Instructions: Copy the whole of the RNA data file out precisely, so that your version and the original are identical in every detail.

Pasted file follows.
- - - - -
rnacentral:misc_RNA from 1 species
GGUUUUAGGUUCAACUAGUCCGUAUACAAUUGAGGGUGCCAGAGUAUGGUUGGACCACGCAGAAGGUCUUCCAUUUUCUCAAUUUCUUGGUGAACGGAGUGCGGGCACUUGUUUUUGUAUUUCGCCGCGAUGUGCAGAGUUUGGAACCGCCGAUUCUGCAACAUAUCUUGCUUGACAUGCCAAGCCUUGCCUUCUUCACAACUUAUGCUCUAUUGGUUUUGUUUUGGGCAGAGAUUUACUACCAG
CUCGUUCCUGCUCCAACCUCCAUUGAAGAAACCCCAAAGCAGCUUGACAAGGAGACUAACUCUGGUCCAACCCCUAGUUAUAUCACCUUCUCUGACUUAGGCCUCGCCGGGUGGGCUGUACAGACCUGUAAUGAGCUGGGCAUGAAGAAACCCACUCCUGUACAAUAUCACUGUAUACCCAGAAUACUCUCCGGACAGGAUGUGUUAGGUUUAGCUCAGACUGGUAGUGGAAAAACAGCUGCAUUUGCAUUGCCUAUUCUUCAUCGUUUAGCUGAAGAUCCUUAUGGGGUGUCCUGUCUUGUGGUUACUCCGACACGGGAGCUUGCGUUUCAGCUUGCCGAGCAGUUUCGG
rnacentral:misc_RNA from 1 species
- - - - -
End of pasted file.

rnacentral:misc_RNA from 1 species
GGUUUUAGGUUCAACUAGUCCGUAUACAAUUGAGGGUGCCAGAGUAUGGUUGGACCACGCAGAAGGUCUUCCAUUUUCUCAAUUUCUUGGUGAACGGAGUGCGGGCACUUGUUUUUGUAUUUCGCCGCGAUGUGCAGAGUUUGGAACCGCCGAUUCUGCAACAUAUCUUGCUUGACAUGCCAAGCCUUGCCUUCUUCACAACUUAUGCUCUAUUGGUUUUGUUUUGGGCAGAGAUUUACUACCAG
CUCGUUCCUGCUCCAACCUCCAUUGAAGAAACCCCAAAGCAGCUUGACAAGGAGACUAACUCUGGUCCAACCCCUAGUUAUAUCACCUUCUCUGACUUAGGCCUCGCCGGGUGGGCUGUACAGACCUGUAAUGAGCUGGGCAUGAAGAAACCCACUCCUGUACAAUAUCACUGUAUACCCAGAAUACUCUCCGGACAGGAUGUGUUAGGUUUAGCUCAGACUGGUAGUGGAAAAACAGCUGCAUUUGCAUUGCCUAUUCUUCAUCGUUUAGCUGAAGAUCCUUAUGGGGUGUCCUGUCUUGUGGUUACUCCGACACGGGAGCUUGCGUUUCAGCUUGCCGAGCAGUUUCGG
rnacentral:misc_RNA from 1 species